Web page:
So you’re thinking about carving out your portion in paradise in the Kaimuki district of Honolulu? Smart idea—the worst day in Kaimuki is better than the best day anywhere else! Read on to learn more about Kaimuki and considerations for living there.
What and where is Kaimuki?
Kaimuki is a quaint early twentieth-century neighborhood on the Koko Head side of downtown Honolulu. It’s situated on the mauka (mountain) side of Diamond Head Crater with Kapahulu to the west and Kahala to the east.
As a naturally dry, dusty area, Kaimuki wasn’t heavily populated until adequate water and transportation were introduced to the area. In 1898, Kaimuki was developed as Honolulu’s first subdivision.
Kaimukī means ‘tī oven.’ For those unfamiliar with Hawai’ian folklore, that’s a reference to the legends of the Menehune (small creatures). The Menehune magically built ovens overnight to cook tī roots. Ti, also known by its scientific name, Cordyline fruiticosa, is a popular good-luck plant whose leaves are used for leis and hula skirts.
Why move to Kaimuki?
When you live in Kaimuki, you’ll enjoy belonging to a peaceful, welcoming community. But just because Kaimuki has a historic, aloha vibe doesn’t mean it’s a sleepy suburb. There’s plenty to see and do.
As you walk along Wai’alae Avenue, Kaimuki’s main drag, you can pop into one of many bustling businesses housed in historic buildings. If farmers’ markets are your thing, there’s an outdoor produce stand at 12th and Mahina Avenues that’s open almost every day.
The range of shopping experiences and services you’ll encounter in Kaimuki is surprising. Within a five-block area, you can buy Hawaiian fabric, get your shoes fixed, or get your yoga fix. You can also create art or catch a foreign film at the Movie Museum.
And then there’s the food!
Whatever your food fancy, you’re likely to find it in one of Kaimiku’s eateries, which range from bakeries to noodle shops to fine dining. Lunch at the Kaimuki Superette can include an octopus roll, which is reportedly delicious.
You can also visit one of the many children- and dog-friendly parks in the area. There are lots of family-friendly activities to enjoy. The neighborhood boasts top-rated schools, both public and private.
Location, location, location!
As a resident of Kaimiku, you’ll enjoy unparalleled convenience. Here are transit times for some popular destinations:
10 minutes ride to Waikiki
15 minutes to Ala Moana shopping center
10 minutes to south shore beaches
15 minutes to the University of Hawai’i Manoa
15 minutes ride to Hawaii Kai and the east side
15 minutes to the Hawaii Yacht Club
Multiple onramps to hop on the H1 freeway
16 minutes to the airport
Real estate in Kaimuki
Charming older homes fill the gently rolling hills of Kaimuki. These homes are sometimes owned for generations without ever having been sold. However, as Kaimuki gains popularity, older homes are being torn down to make way for new construction.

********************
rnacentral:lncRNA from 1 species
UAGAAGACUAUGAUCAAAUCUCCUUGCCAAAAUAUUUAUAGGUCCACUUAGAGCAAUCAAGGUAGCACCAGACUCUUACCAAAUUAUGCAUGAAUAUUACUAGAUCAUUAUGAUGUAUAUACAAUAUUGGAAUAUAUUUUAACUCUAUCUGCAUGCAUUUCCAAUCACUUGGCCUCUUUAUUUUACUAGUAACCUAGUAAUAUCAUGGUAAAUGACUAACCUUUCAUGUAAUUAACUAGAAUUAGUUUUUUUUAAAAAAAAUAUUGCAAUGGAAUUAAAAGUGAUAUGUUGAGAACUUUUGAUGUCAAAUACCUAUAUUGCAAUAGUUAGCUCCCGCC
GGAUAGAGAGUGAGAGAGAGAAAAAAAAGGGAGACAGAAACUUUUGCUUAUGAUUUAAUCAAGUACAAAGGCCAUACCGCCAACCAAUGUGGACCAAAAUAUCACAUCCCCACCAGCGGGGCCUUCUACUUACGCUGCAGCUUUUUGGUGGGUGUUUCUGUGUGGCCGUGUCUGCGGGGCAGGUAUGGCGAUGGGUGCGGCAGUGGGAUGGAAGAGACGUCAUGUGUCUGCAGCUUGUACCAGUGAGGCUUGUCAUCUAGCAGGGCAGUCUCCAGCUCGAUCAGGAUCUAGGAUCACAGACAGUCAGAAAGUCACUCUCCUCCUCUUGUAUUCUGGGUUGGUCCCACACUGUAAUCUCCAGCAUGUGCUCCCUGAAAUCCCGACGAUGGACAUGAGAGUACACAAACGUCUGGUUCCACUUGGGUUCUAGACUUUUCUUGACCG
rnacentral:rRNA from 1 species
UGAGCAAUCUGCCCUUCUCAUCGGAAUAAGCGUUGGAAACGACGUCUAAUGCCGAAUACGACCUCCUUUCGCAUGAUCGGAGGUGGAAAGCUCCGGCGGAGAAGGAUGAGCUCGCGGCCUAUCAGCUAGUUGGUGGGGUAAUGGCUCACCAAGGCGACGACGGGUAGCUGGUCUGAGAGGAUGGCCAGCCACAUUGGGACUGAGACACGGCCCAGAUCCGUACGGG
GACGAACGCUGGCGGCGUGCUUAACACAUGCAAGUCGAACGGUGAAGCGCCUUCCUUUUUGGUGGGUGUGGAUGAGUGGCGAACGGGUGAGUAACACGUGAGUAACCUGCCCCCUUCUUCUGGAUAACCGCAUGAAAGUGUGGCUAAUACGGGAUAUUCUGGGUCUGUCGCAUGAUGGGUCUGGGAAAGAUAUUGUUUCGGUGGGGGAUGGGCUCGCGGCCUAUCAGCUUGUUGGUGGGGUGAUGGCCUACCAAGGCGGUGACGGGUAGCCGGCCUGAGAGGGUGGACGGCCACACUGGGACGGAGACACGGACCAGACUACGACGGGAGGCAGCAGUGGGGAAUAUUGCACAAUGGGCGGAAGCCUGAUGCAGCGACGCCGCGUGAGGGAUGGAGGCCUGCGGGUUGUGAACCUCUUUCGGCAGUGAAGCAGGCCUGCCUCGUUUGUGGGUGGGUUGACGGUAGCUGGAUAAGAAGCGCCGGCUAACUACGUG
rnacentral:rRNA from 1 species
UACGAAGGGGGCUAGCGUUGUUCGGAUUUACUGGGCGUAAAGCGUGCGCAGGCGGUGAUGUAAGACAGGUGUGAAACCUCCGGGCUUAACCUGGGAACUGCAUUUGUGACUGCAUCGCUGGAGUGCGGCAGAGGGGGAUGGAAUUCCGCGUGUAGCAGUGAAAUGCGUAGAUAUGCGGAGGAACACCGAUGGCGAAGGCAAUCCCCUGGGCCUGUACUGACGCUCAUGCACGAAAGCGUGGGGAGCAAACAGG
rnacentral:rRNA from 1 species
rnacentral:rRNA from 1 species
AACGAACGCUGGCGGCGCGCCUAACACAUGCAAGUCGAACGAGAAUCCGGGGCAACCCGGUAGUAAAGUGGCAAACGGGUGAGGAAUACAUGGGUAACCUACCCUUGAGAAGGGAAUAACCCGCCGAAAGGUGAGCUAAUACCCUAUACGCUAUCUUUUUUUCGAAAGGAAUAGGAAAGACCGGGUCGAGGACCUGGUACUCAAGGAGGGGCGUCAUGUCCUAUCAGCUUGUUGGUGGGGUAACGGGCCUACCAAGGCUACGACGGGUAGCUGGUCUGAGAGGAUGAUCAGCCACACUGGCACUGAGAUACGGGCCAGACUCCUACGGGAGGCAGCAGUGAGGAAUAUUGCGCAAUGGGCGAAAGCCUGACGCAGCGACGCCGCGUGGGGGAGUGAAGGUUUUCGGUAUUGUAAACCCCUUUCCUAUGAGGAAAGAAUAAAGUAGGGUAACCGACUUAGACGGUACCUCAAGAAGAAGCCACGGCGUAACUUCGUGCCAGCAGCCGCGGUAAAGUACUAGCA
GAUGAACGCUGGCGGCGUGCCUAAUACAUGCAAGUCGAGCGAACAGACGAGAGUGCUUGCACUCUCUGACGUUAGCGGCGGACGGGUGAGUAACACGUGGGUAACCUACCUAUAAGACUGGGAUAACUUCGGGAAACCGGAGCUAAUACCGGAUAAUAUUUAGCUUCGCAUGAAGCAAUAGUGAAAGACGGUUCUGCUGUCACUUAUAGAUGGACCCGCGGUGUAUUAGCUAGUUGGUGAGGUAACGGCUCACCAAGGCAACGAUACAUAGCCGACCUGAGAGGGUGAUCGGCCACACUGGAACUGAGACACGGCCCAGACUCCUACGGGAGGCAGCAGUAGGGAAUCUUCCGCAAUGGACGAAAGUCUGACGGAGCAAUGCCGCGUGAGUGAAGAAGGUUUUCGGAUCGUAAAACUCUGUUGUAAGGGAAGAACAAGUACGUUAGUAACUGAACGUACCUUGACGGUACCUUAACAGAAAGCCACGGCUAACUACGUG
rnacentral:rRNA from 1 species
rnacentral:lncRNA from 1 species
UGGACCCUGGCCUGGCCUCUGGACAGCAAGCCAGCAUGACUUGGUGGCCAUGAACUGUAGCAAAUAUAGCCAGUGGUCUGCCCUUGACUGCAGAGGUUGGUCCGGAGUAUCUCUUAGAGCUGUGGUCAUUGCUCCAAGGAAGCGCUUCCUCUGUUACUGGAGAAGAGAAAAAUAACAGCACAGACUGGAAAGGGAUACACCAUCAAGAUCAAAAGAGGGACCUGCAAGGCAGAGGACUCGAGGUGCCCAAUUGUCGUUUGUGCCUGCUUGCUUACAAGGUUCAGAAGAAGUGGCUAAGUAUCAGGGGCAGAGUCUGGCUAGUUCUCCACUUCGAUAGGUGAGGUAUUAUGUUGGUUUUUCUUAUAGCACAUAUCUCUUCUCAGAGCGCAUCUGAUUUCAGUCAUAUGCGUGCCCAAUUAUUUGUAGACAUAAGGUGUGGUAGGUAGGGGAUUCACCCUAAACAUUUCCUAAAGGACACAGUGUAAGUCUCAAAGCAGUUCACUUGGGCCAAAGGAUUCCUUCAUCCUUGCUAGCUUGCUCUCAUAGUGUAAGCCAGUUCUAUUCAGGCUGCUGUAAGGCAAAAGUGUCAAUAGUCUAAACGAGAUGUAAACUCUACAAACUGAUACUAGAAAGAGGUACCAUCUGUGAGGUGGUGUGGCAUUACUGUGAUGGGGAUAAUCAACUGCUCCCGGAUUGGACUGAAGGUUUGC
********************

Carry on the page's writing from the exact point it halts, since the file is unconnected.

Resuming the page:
Houses in Kaimuki are usually situated on modest-sized lots between 3,000 to 6,000 sq ft. Prices range from $700,000 to $1.3 million. Large homes with panoramic ocean views command the highest prices.
However, Kaimuki has many micro-neighborhoods that don’t necessarily carry such high price tags. And if you’re in the market for a condo, you’ll typically have a far lower investment.
The median home value in Kaimuki was $1.4 million in November 2020, which is more expensive than Honolulu as a whole. With a medium listing price per square foot of $627, the red-hot Kaimuki real estate market was up 21.6% year-over-year.
At the end of 2018, Kaimuki was home to 18,700 residents comprising a bit more than 3,000 households. As you can see, there’s a limited supply of houses in Kaimuki. The scarcity of Kaimuki houses, low interest rates, and the increasing popularity of the area are driving prices upwards.
Although the upward price trend is good news for sellers, who wants to sell in Kaimuki? Not too many people. So, if you want to buy a home in this desirable area, get your finances in order and be prepared to act quickly to purchase a suitable property.
Make sure you know what you’re buying
Hawaii has two types of property ownership — fee simple and leaseholds. Leaseholds are more complicated, so let’s begin there.
When you buy a leasehold property, you don’t own the land. In essence, you rent the ground for an agreed-upon amount of time. At the end of that time, barring a new agreement between the fee-simple landowner (lessor) and the leasehold property owner (lessor), the land and its improvements revert back to the lessor. And the lessee pays ground rent to the lessor.
Most leasehold properties on O’ahu are condos or townhomes. There are still some leasehold single-family homes on the island, though.
Fee-simple properties give you ownership of the land and any improvements. When you own a fee-simple property, you can use and enjoy the property as you see fit. Of course, you’ll have to abide by zoning laws, covenants, deed, or subdivision restrictions.
Owners of fee-simple properties are responsible for property taxes, mortgage expenses, and maintenance fees. You can also sell, trade, rent, or renovate the property according to your wishes.
Since leasehold properties are typically offered at a lower price point, they may be the only way you can afford to purchase in Kamuiki. However, our real estate team, Weaver Hawaii, will ensure that you understand your rights and responsibilities under either leasehold or fee simple property ownership.
It’s not necessarily easy to buy a home in Kaimuki since the housing supply is limited and prices are soaring. Weaver Hawaii, however, will help you snag one of the coveted Kaimuki homes.
If you’re ready to begin your search for a Kaimuki home for you and your family, reach out to Weaver Hawaii. With our intimate understanding of real estate here on O’ahu, we can help you locate and purchase the ideal property for yourself and your family.